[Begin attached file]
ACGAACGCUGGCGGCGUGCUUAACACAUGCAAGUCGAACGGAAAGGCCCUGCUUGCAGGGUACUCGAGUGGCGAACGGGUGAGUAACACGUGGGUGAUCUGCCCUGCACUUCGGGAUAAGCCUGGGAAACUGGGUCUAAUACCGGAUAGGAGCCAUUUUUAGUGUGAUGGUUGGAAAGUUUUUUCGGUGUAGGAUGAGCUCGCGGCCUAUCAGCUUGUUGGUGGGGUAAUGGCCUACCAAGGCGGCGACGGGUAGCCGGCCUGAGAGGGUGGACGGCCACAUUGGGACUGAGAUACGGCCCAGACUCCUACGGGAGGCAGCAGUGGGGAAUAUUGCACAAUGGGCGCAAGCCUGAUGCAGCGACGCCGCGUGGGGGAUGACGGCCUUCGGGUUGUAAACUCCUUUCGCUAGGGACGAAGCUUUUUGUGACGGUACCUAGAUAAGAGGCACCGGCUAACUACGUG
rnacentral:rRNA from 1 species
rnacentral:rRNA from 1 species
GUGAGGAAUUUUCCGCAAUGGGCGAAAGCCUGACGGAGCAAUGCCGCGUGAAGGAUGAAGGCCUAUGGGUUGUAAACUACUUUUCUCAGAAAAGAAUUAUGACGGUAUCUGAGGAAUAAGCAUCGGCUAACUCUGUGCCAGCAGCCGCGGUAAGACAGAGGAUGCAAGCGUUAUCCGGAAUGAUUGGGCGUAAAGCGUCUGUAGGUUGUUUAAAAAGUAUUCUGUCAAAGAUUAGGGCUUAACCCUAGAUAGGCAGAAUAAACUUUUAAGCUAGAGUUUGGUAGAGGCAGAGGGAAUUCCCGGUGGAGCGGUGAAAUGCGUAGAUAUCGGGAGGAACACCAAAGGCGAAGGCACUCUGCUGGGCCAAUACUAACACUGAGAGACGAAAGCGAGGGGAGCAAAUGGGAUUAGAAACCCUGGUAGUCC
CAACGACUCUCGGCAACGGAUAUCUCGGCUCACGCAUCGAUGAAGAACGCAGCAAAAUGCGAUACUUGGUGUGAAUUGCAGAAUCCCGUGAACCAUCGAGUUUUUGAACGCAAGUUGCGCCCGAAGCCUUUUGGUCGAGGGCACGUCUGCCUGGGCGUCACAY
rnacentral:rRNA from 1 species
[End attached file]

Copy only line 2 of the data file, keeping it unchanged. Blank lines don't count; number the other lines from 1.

rnacentral:rRNA from 1 species